Fast Company Chimes In

Early last week, I saw this page on the Fast Company website announcing their search for the 100 Most Influential Women in Tech, a feature they have run since 2009. Over the course of the week, they changed the text to include the image above of Chloe Sladden of Twitter, who will be featured on their next issue, as well as added a link to the Poynter chat I did on 11/12. I was so encouraged by their response, that I bought a subscription to their magazine. It’s only $12.97 and you can do it quickly online. I subscribed on Wednesday last week, and received my first issue, with Lance Armstrong (yay Austinite) on the cover on Saturday, so they really mean it when they say they will rush you the first issue. Plus, there was a quick spotlight on Gary Vaynerchuk as a social media influencer. I interviewed @GaryVee at TX State’s Mass Comm Week last year, so I was happy to see him on their pages.  I’m quite pleased with my first issue and appreciate their track record with covering women like Sheryl Sandberg of Facebook, Gina Bianchini who was the CEO of Ning, and Morgan Romine of the gaming group Frag Dolls, among many others.  Please help Fast Company with their 100 Most Influential Women in Tech issue.

Fast Company and Wired are somewhat different magazines. Fast Company focuses mainly on business and marketing issues, while Wired has an emphasis on innovation, new ideas, the next big thing. They aren’t always right about these things, but Wired’s articles are usually interesting and insightful, which is why I was a longtime subscriber, fan and enthusiastic endorser for years. There is an overlap, however, in that both publications seek to cover the technology industry. Fast Company obviously has a different approach to women, which makes it a much better publication for me to recommend to students at this time. It shows women on the cover and inside the magazine, and doesn’t pander to stereotypes that objectify them. Women can look at Fast Company and feel welcome, that they have a place in the tech world. Editor Robert Safian did a nice interview about their commitment to covering women at This definitely shows that there is an alternative to Wired’s boys’ club mentality, and refutes this idea that there aren’t women in tech worthy of the spotlight.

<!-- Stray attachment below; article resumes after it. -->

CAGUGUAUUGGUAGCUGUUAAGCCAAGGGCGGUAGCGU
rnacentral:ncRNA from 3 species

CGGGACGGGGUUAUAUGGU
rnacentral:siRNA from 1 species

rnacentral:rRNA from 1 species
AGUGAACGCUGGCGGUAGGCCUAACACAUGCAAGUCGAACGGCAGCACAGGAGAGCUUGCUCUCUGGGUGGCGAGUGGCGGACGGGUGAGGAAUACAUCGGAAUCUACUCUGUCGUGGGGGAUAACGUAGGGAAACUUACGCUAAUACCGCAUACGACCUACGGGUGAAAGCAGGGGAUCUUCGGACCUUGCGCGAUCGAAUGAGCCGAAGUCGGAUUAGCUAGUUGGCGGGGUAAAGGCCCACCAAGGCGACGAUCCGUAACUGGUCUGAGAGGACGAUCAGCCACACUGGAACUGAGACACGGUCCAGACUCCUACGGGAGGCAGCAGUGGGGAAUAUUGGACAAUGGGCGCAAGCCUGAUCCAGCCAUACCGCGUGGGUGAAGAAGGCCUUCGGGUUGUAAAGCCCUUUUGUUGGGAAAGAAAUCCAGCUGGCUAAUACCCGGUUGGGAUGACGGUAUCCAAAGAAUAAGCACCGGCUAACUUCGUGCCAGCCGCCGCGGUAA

I’m looking forward to receiving my Dec/Jan issue of Fast Company. And I am still hopeful that the discourse created around this topic will influence some change at Wired.

One thought on “Fast Company Chimes In

  1. Marie says:

    I was really taken by you Break up article. It was great. It explained at lenght why you wanted and the proof was devastating. They had no argument left.

    And, being a women working in a tech world, I must say that the article opened my eyes.

    I was curious to see where it would lead. And the result really surprised me.

    Thanks for these great post.

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